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TMNT 666: Sickle's Take on "Barney Burman's Wild Boar"

Wild Boar follows a group of geocachers who stumble upon a cluster of bloodthirsty mutant pig people. That's it.

Wild Boar Review

Wild Boar is what happens when a guy known for make-up and special effects decides to take a shot at directing a micro-budget Hills Have Eyes homage, but with a slight monstery twist. That pretty much sums up this movie. As is often the case with situations like this, the quality (and most of the budget) is poured into the effects work with everything else being an afterthought. Which means you will be forced to tolerate a swath of garbage to get to the pig fun.

I will say that I went into Wild Boar with only the expectation to see some fun practical effects, and this film has that in spades. I couldn't help but recall the incredibly frustrating and disappointing Barge People and how uninventive the effects work and action sequences were. While Wild Boar leaves a lot to be desired, it knew what made it worth watching and delivered on that front.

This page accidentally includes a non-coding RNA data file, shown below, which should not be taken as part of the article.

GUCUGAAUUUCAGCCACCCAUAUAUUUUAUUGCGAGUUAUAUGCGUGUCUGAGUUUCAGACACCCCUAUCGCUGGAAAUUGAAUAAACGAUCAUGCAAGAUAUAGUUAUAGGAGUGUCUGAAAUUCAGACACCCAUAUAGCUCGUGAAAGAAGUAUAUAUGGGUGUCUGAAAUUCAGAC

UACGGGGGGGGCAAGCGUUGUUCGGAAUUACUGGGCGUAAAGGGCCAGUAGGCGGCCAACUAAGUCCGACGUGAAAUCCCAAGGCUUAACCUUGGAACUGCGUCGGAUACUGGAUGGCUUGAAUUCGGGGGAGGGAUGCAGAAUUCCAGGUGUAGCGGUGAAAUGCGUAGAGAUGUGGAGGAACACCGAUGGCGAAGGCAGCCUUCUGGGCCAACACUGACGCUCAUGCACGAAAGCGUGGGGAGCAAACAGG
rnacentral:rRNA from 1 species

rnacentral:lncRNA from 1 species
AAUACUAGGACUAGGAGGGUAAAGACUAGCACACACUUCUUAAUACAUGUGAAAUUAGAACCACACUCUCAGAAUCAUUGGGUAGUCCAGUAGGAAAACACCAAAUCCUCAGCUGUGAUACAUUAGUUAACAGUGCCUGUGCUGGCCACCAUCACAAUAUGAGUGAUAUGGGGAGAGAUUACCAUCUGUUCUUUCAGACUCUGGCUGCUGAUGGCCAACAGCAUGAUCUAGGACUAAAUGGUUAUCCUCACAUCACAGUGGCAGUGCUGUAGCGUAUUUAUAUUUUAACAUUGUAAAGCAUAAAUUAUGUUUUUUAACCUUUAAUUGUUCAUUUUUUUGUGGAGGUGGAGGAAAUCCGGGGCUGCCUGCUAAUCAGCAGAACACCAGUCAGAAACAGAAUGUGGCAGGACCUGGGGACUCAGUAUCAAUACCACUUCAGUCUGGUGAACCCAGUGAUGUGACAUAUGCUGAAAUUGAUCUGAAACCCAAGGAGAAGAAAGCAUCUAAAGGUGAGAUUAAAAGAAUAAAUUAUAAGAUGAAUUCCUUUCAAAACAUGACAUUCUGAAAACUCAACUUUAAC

The practical effects are the one and only highlight, but examining the visceral and grotesque mutants is a nasty joy all to itself. The detail put into some of them feels beyond what the budget likely called for. With many films of a similar ilk producing a fraction of this quality, it was a pleasant surprise. It feels like a rated-R Teenage Mutant Ninja Turtles' villain origin story, but, you know, awful.

Sadly, the rest of the film is virtually unwatchable. The writing and acting are abysmal, with only spurts of technically sound camera work. If it weren't for the fantastic 80s practical pig mutants, this movie would have been a complete waste of time. In fact, it was admittedly tedious even when the mutants were on screen, but torturous when they weren't.

As tends to happen in films like this, the creators seem to be convinced the only way to get the film seen is to spread through word of mouth, usually through shock value. The film feels like an attempt at capturing what little magic can be found in Rob Zombie's grittiest attempts and the torture porn of The Hills Have Eyes, making for a shallow, nasty, and yet somehow boring picture that fails to master anything it likely hoped to achieve.

The chances were that a likely-microbudget movie about killer mutant pig men wasn't going to impress in a review and this film doesn't beat those odds. But, the film at least had an element of it I found impressive through the practical effects, mutant suits, and attention to the visual details. But everything else is so bad, it's hard to recommend beyond just enjoying the screenshot above.

Horror Rating System

Horror Qualifier: 9/10

Horror Quality: 5/10

Film Quality: 2/10

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